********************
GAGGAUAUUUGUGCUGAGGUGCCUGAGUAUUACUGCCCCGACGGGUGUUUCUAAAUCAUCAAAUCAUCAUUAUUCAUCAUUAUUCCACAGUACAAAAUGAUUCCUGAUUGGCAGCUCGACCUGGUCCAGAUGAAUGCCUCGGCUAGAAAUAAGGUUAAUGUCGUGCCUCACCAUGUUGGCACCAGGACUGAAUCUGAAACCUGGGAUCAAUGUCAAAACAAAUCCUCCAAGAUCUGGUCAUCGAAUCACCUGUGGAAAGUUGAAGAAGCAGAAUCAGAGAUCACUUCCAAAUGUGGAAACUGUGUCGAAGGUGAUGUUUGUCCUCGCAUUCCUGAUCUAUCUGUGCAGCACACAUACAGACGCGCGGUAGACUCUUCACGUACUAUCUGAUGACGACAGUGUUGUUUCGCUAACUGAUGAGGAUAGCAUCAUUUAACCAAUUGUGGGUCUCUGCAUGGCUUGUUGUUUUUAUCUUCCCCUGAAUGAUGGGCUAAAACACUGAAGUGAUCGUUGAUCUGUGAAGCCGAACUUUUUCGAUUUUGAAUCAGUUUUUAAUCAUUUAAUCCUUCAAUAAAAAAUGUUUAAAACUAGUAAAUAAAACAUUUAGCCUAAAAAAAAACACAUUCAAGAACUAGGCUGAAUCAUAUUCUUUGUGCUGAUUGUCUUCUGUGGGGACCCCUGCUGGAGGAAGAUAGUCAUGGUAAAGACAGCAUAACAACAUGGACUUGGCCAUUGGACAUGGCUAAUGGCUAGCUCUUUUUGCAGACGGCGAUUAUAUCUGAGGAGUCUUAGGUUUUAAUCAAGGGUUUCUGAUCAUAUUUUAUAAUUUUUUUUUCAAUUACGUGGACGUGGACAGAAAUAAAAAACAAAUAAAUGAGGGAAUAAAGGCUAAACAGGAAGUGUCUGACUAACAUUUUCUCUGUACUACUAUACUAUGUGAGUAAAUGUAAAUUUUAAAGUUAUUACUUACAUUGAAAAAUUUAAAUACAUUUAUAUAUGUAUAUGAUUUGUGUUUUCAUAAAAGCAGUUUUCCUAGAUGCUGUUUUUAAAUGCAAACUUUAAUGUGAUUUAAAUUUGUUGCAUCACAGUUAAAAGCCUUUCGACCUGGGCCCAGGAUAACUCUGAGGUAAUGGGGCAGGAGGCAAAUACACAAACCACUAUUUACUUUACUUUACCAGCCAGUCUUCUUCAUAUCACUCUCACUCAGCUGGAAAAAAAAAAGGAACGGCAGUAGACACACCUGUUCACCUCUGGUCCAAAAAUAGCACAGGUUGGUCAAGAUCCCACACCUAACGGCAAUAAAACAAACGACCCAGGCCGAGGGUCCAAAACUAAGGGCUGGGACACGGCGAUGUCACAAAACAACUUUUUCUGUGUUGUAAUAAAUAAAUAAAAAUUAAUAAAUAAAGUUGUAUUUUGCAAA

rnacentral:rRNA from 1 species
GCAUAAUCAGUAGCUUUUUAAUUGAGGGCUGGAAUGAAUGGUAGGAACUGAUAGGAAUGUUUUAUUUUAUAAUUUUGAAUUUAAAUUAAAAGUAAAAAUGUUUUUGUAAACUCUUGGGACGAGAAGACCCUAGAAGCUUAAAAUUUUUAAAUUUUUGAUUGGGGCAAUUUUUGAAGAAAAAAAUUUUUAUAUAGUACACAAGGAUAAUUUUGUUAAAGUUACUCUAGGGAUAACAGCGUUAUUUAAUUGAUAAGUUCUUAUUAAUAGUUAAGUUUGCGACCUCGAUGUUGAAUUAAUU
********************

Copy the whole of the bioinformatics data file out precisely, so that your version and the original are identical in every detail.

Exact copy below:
GAGGAUAUUUGUGCUGAGGUGCCUGAGUAUUACUGCCCCGACGGGUGUUUCUAAAUCAUCAAAUCAUCAUUAUUCAUCAUUAUUCCACAGUACAAAAUGAUUCCUGAUUGGCAGCUCGACCUGGUCCAGAUGAAUGCCUCGGCUAGAAAUAAGGUUAAUGUCGUGCCUCACCAUGUUGGCACCAGGACUGAAUCUGAAACCUGGGAUCAAUGUCAAAACAAAUCCUCCAAGAUCUGGUCAUCGAAUCACCUGUGGAAAGUUGAAGAAGCAGAAUCAGAGAUCACUUCCAAAUGUGGAAACUGUGUCGAAGGUGAUGUUUGUCCUCGCAUUCCUGAUCUAUCUGUGCAGCACACAUACAGACGCGCGGUAGACUCUUCACGUACUAUCUGAUGACGACAGUGUUGUUUCGCUAACUGAUGAGGAUAGCAUCAUUUAACCAAUUGUGGGUCUCUGCAUGGCUUGUUGUUUUUAUCUUCCCCUGAAUGAUGGGCUAAAACACUGAAGUGAUCGUUGAUCUGUGAAGCCGAACUUUUUCGAUUUUGAAUCAGUUUUUAAUCAUUUAAUCCUUCAAUAAAAAAUGUUUAAAACUAGUAAAUAAAACAUUUAGCCUAAAAAAAAACACAUUCAAGAACUAGGCUGAAUCAUAUUCUUUGUGCUGAUUGUCUUCUGUGGGGACCCCUGCUGGAGGAAGAUAGUCAUGGUAAAGACAGCAUAACAACAUGGACUUGGCCAUUGGACAUGGCUAAUGGCUAGCUCUUUUUGCAGACGGCGAUUAUAUCUGAGGAGUCUUAGGUUUUAAUCAAGGGUUUCUGAUCAUAUUUUAUAAUUUUUUUUUCAAUUACGUGGACGUGGACAGAAAUAAAAAACAAAUAAAUGAGGGAAUAAAGGCUAAACAGGAAGUGUCUGACUAACAUUUUCUCUGUACUACUAUACUAUGUGAGUAAAUGUAAAUUUUAAAGUUAUUACUUACAUUGAAAAAUUUAAAUACAUUUAUAUAUGUAUAUGAUUUGUGUUUUCAUAAAAGCAGUUUUCCUAGAUGCUGUUUUUAAAUGCAAACUUUAAUGUGAUUUAAAUUUGUUGCAUCACAGUUAAAAGCCUUUCGACCUGGGCCCAGGAUAACUCUGAGGUAAUGGGGCAGGAGGCAAAUACACAAACCACUAUUUACUUUACUUUACCAGCCAGUCUUCUUCAUAUCACUCUCACUCAGCUGGAAAAAAAAAAGGAACGGCAGUAGACACACCUGUUCACCUCUGGUCCAAAAAUAGCACAGGUUGGUCAAGAUCCCACACCUAACGGCAAUAAAACAAACGACCCAGGCCGAGGGUCCAAAACUAAGGGCUGGGACACGGCGAUGUCACAAAACAACUUUUUCUGUGUUGUAAUAAAUAAAUAAAAAUUAAUAAAUAAAGUUGUAUUUUGCAAA

rnacentral:rRNA from 1 species
GCAUAAUCAGUAGCUUUUUAAUUGAGGGCUGGAAUGAAUGGUAGGAACUGAUAGGAAUGUUUUAUUUUAUAAUUUUGAAUUUAAAUUAAAAGUAAAAAUGUUUUUGUAAACUCUUGGGACGAGAAGACCCUAGAAGCUUAAAAUUUUUAAAUUUUUGAUUGGGGCAAUUUUUGAAGAAAAAAAUUUUUAUAUAGUACACAAGGAUAAUUUUGUUAAAGUUACUCUAGGGAUAACAGCGUUAUUUAAUUGAUAAGUUCUUAUUAAUAGUUAAGUUUGCGACCUCGAUGUUGAAUUAAUU